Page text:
The Education Department Outlines What It Wants From AI

Artificial Intelligence

The Education Department Outlines What It Wants From AI

By Daniel Mollenkamp     Jun 2, 2023

The Education Department Outlines What It Wants From AI

This article is part of the guide: For Education, ChatGPT Holds Promise — and Creates Problems.

OpenAI, the company behind ChatGPT, predicted last year that it will usher in the greatest tech transformation ever. Grandiose? Maybe. But while that may sound like typical Silicon Valley hype, the education system is taking it seriously.

And so far, AI is shaking things up. The sudden-seeming pervasiveness of AI has even led to faculty workshop “safe spaces” this summer, where instructors can figure out how to use algorithms.

For edtech firms, this partly means figuring out how to prevent their bottom line from being hurt, as students swap some edtech services with AI-powered DIY alternatives, like tutoring replacements. The most dramatic example came in May, when Chegg’s falling stock price was blamed on chatbots.

But the latest news is that the government is investing significant money to figure out how to ensure that the new tools actually advance national education goals like increasing equity and supporting overworked teachers.

That’s why the U.S. Department of Education recently weighed in with its perspective on AI in education.

The department’s new report includes a warning of sorts: Don’t let your imagination run wild. “We especially call upon leaders to avoid romancing the magic of AI or only focusing on promising applications or outcomes, but instead to interrogate with a critical eye how AI-enabled systems and tools function in the educational environment,” the report says.

What Do Educators Want From AI?

The Education Department’s report is the result of a collaboration with the nonprofit Digital Promise, based on listening sessions with 700 people the department considers stakeholders in education spread across four sessions in June and August of last year. It represents one part of a greater attempt to encourage “responsible” use of this technology by the federal government, including a $140 million investment to create national academies that will focus on AI research, which is inching the country closer to a regulatory framework for AI.

Ultimately, some of the principles in the report will look familiar. Primarily, for instance, it stresses that humans should be placed “firmly at the center” of AI-enabled edtech. In this, it echoes the White House’s previous “blueprint for AI,” which emphasized the importance of humans making decisions, in part to alleviate concerns of algorithmic bias in automated decision-making. In this case, it is also to mollify concerns that AI will lead to less autonomy and less respect for teachers.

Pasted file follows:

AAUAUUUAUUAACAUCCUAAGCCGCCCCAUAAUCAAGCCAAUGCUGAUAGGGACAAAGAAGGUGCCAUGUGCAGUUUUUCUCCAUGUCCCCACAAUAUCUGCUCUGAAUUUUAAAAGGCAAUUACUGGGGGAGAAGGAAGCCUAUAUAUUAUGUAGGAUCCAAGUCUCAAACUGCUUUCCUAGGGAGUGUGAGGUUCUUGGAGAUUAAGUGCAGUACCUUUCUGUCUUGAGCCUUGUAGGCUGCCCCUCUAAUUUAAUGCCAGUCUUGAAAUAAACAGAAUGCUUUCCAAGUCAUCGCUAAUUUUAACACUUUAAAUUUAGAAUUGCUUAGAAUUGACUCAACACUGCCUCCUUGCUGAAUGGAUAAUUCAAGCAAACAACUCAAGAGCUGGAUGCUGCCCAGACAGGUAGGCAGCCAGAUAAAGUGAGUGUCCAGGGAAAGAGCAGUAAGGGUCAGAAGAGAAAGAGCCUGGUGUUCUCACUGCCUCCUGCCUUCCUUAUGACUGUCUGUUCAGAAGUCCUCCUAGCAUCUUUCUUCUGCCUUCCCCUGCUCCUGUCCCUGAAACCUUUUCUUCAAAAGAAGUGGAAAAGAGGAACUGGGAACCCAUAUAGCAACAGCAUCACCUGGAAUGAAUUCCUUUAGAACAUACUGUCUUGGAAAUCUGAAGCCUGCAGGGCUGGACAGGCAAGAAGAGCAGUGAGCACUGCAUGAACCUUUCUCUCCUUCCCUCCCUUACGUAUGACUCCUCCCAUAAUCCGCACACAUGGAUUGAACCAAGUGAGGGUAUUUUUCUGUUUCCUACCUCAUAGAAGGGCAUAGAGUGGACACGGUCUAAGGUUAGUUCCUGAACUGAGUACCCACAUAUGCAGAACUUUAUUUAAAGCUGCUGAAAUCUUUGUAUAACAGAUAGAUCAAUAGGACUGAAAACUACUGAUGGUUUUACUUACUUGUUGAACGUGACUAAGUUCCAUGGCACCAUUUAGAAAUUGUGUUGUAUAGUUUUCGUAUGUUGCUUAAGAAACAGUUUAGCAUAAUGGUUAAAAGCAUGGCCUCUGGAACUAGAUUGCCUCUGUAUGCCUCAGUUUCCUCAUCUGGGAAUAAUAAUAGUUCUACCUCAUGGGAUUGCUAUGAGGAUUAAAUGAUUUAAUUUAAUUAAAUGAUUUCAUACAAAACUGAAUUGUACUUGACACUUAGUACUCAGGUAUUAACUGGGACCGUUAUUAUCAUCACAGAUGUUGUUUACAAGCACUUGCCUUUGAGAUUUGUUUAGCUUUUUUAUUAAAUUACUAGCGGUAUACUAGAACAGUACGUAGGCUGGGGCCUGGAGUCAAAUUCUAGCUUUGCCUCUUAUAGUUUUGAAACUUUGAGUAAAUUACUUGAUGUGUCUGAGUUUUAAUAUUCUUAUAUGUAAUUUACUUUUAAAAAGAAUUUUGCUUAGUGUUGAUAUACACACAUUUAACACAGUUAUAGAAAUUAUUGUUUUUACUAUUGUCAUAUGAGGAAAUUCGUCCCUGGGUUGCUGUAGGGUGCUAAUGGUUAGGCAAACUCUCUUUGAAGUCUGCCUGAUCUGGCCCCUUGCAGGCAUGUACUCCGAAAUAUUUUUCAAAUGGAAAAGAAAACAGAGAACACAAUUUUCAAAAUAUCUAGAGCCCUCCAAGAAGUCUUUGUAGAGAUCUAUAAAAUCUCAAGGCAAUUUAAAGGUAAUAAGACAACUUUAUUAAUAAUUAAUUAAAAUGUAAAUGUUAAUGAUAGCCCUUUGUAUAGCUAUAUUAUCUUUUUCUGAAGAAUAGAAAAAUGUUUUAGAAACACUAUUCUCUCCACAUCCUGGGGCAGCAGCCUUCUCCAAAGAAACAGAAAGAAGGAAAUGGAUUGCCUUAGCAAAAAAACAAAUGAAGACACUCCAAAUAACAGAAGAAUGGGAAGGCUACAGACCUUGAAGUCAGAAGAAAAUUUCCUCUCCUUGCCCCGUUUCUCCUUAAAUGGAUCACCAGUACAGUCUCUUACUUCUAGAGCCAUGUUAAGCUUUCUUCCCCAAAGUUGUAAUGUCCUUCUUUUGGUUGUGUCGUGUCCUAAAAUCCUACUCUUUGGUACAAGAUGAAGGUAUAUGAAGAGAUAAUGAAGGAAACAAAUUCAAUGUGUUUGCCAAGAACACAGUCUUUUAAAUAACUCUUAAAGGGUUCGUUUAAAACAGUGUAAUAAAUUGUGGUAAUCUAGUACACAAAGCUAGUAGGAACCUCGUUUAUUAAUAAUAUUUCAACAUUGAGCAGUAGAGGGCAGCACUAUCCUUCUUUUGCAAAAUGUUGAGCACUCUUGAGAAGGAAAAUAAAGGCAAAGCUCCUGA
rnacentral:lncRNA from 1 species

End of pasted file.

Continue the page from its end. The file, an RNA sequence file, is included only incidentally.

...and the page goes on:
Largely, the hope expressed by observers is that AI tools will finally deliver on personalized learning and, ultimately, increase equity. These artificial assistants, the argument goes, will be able to automate tasks, freeing up teacher time for interacting with students, while also providing instant feedback for students like a tireless (free-to-use) tutor.

The report is optimistic that the rise of AI can help teachers rather than diminish their voices. If used correctly, it argues, the new tools can provide support for overworked teachers by functioning like an assistant that keeps teachers informed about their students.

But what does AI mean for education broadly? That thorny question is still being negotiated. The report argues that all AI-infused edtech needs to cohere around a “shared vision of education” that places “the educational needs of students ahead of the excitement about emerging AI capabilities.” It adds that discussions about AI should not forget educational outcomes or the best standards of evidence.

At the moment, more research is needed. Some should focus on how to use AI to increase equity, by, say, supporting students with disabilities and students who are English language learners, according to the Education Department report. But ultimately, it adds, delivering on the promise will require avoiding the well-known risks of this technology.

Taming the Beast

Taming algorithms isn’t exactly an easy task.

From AI weapons-detection systems that soak up money but fail to stop stabbings to invasive surveillance systems and cheating concerns, the perils of this tech are becoming more widely recognized.

There have been some ill-fated attempts to stop specific applications of AI in its tracks, especially in connection to the rampant cheating that is allegedly occurring as students use chat tools to help with, or totally complete, their assignments. But districts may have recognized that outright bans are not tenable. For example: New York City public schools, the largest district in the country, got rid of its ban on ChatGPT just last month.

Ultimately, the Education Department seems to hope that this framework will set down a more subtle means for avoiding pitfalls. But whether this works, the department argues, will largely depend on whether the tech is used to empower — or burden — the humans who facilitate learning.

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